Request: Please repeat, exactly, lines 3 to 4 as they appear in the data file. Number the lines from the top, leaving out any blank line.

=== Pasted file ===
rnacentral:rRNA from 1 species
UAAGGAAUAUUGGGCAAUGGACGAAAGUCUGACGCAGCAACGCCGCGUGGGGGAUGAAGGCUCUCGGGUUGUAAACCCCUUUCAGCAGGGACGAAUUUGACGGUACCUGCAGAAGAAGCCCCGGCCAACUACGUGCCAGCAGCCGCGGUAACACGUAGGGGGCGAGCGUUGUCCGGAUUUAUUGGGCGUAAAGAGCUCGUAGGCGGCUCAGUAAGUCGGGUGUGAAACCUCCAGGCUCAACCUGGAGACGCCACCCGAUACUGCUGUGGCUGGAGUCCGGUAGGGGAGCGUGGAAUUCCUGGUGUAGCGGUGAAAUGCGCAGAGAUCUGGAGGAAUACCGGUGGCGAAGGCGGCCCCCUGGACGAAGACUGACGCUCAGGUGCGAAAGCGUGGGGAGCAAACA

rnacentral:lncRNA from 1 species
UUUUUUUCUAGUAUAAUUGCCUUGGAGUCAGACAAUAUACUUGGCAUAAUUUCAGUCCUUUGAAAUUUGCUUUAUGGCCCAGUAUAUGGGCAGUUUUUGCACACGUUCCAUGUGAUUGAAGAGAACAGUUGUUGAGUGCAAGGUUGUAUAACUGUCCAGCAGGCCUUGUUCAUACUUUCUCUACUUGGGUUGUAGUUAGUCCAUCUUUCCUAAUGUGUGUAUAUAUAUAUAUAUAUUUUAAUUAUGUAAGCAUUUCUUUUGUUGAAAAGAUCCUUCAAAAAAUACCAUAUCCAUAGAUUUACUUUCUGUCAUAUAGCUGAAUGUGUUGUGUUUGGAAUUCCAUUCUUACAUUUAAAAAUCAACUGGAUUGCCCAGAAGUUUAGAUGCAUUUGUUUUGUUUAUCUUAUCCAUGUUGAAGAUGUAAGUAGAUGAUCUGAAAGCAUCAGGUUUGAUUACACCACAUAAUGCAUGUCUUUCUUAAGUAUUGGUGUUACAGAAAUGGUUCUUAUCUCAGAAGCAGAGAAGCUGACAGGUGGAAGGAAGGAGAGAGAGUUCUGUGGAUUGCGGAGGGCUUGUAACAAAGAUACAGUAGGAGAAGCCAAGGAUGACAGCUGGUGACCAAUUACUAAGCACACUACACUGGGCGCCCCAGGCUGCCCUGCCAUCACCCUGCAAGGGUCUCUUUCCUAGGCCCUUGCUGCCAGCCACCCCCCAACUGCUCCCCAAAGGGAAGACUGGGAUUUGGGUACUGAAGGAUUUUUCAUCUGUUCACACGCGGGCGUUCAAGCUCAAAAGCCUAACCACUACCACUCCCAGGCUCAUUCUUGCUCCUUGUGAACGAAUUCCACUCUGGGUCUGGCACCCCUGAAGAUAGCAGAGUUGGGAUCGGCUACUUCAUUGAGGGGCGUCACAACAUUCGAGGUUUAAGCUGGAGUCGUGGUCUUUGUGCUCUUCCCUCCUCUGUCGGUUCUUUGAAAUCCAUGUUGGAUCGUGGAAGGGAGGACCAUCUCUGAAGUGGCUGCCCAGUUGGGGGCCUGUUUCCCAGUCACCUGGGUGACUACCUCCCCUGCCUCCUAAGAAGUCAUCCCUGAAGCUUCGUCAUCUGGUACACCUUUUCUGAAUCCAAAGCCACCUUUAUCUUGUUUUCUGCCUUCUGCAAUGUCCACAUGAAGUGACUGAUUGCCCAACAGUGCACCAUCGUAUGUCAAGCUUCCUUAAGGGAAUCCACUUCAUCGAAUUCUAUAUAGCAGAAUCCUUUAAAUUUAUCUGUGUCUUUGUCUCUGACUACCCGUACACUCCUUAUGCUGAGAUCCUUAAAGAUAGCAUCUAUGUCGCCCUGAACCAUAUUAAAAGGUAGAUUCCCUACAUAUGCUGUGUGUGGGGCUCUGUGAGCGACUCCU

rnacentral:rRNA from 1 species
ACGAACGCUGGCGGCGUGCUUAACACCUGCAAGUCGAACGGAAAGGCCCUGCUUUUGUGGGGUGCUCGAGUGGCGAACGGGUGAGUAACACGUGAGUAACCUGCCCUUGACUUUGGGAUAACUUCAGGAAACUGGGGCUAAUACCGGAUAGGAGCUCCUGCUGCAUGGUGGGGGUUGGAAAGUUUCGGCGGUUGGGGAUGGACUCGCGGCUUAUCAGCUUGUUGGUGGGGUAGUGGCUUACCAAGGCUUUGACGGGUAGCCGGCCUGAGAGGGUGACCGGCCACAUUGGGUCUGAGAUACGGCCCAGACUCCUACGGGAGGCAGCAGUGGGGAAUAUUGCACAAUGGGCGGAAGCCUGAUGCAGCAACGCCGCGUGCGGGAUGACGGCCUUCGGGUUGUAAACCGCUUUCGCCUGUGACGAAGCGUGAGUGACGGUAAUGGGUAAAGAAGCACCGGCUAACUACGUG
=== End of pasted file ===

rnacentral:lncRNA from 1 species
UUUUUUUCUAGUAUAAUUGCCUUGGAGUCAGACAAUAUACUUGGCAUAAUUUCAGUCCUUUGAAAUUUGCUUUAUGGCCCAGUAUAUGGGCAGUUUUUGCACACGUUCCAUGUGAUUGAAGAGAACAGUUGUUGAGUGCAAGGUUGUAUAACUGUCCAGCAGGCCUUGUUCAUACUUUCUCUACUUGGGUUGUAGUUAGUCCAUCUUUCCUAAUGUGUGUAUAUAUAUAUAUAUAUUUUAAUUAUGUAAGCAUUUCUUUUGUUGAAAAGAUCCUUCAAAAAAUACCAUAUCCAUAGAUUUACUUUCUGUCAUAUAGCUGAAUGUGUUGUGUUUGGAAUUCCAUUCUUACAUUUAAAAAUCAACUGGAUUGCCCAGAAGUUUAGAUGCAUUUGUUUUGUUUAUCUUAUCCAUGUUGAAGAUGUAAGUAGAUGAUCUGAAAGCAUCAGGUUUGAUUACACCACAUAAUGCAUGUCUUUCUUAAGUAUUGGUGUUACAGAAAUGGUUCUUAUCUCAGAAGCAGAGAAGCUGACAGGUGGAAGGAAGGAGAGAGAGUUCUGUGGAUUGCGGAGGGCUUGUAACAAAGAUACAGUAGGAGAAGCCAAGGAUGACAGCUGGUGACCAAUUACUAAGCACACUACACUGGGCGCCCCAGGCUGCCCUGCCAUCACCCUGCAAGGGUCUCUUUCCUAGGCCCUUGCUGCCAGCCACCCCCCAACUGCUCCCCAAAGGGAAGACUGGGAUUUGGGUACUGAAGGAUUUUUCAUCUGUUCACACGCGGGCGUUCAAGCUCAAAAGCCUAACCACUACCACUCCCAGGCUCAUUCUUGCUCCUUGUGAACGAAUUCCACUCUGGGUCUGGCACCCCUGAAGAUAGCAGAGUUGGGAUCGGCUACUUCAUUGAGGGGCGUCACAACAUUCGAGGUUUAAGCUGGAGUCGUGGUCUUUGUGCUCUUCCCUCCUCUGUCGGUUCUUUGAAAUCCAUGUUGGAUCGUGGAAGGGAGGACCAUCUCUGAAGUGGCUGCCCAGUUGGGGGCCUGUUUCCCAGUCACCUGGGUGACUACCUCCCCUGCCUCCUAAGAAGUCAUCCCUGAAGCUUCGUCAUCUGGUACACCUUUUCUGAAUCCAAAGCCACCUUUAUCUUGUUUUCUGCCUUCUGCAAUGUCCACAUGAAGUGACUGAUUGCCCAACAGUGCACCAUCGUAUGUCAAGCUUCCUUAAGGGAAUCCACUUCAUCGAAUUCUAUAUAGCAGAAUCCUUUAAAUUUAUCUGUGUCUUUGUCUCUGACUACCCGUACACUCCUUAUGCUGAGAUCCUUAAAGAUAGCAUCUAUGUCGCCCUGAACCAUAUUAAAAGGUAGAUUCCCUACAUAUGCUGUGUGUGGGGCUCUGUGAGCGACUCCU